The No. 2 editor at the Lynchburg News & Advance resigned yesterday after acknowledging that he had tampered with the Virginia paper's entries for journalism prizes.
Bob Morgan, the associate managing editor, made changes to News & Advance stories after they were published and submitted the altered electronic versions to the Virginia Press Association.
"The person responsible is no longer with the newspaper, and we'll do everything we can to rebuild trust with the public," Managing Editor Joe Stinnett said in an interview. He declined to say whether Morgan had been fired.
Stinnett said "several" stories submitted for prizes were changed after publication, and that "some of the changes were significant," though he would not elaborate. But he said that "quite a few stories were not changed," including one involving a young girl who was shot in North Carolina, which won a "Best in Show" writing award.
Stinnett, noting that he has apologized to the press association, said he is still investigating some pieces and does not know the total number of prize submissions that were changed. He stressed that there were no problems with the stories as published.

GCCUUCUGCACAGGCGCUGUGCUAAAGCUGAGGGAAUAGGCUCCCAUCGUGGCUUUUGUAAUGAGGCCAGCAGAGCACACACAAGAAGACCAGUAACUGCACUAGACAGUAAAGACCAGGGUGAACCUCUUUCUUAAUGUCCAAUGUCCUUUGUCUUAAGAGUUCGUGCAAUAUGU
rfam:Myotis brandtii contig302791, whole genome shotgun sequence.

The News & Advance won the VPA's "sweepstakes" in March, meaning it captured more honors than any competitor in the mid-size division, covering newspapers with circulations of 20,000 to 50,000. This involved more than a dozen awards.
It was the newspaper's second sweepstakes prize in the last three years.
Morgan, who has worked for the News & Advance since 1985, was not in the office late yesterday and did not respond to an e-mail request for comment.
Reaction to the disclosure by the 37,000-circulation paper was swift.
"I am shocked and sickened to learn about this," Ginger Stanley, the press group's executive director, said yesterday. "VPA will immediately set up a process to investigate and take whatever action may be appropriate."
In a note posted on the paper's Web site, Stinnett described "a breach within our organization. . . . The unauthorized editing of a story, for whatever purpose, is unethical.
"Associate Managing Editor Bob Morgan, who made the changes, has apologized and is no longer with the newspaper. . . . As a result of this discovery, we are reviewing past contest entries and will change the process we use for entering future contests."
The ethical linchpin of the many national, state and local journalism prizes handed out each year is that articles and photos be submitted exactly as they were originally published. Although competition for the awards, and the bragging rights they confer, is often fierce, changing entries after the fact is virtually unheard of.
Stinnett said in the interview that the problem was discovered Friday when one of his reporters, consulting the electronic version of a story, noticed that it differed from the published version.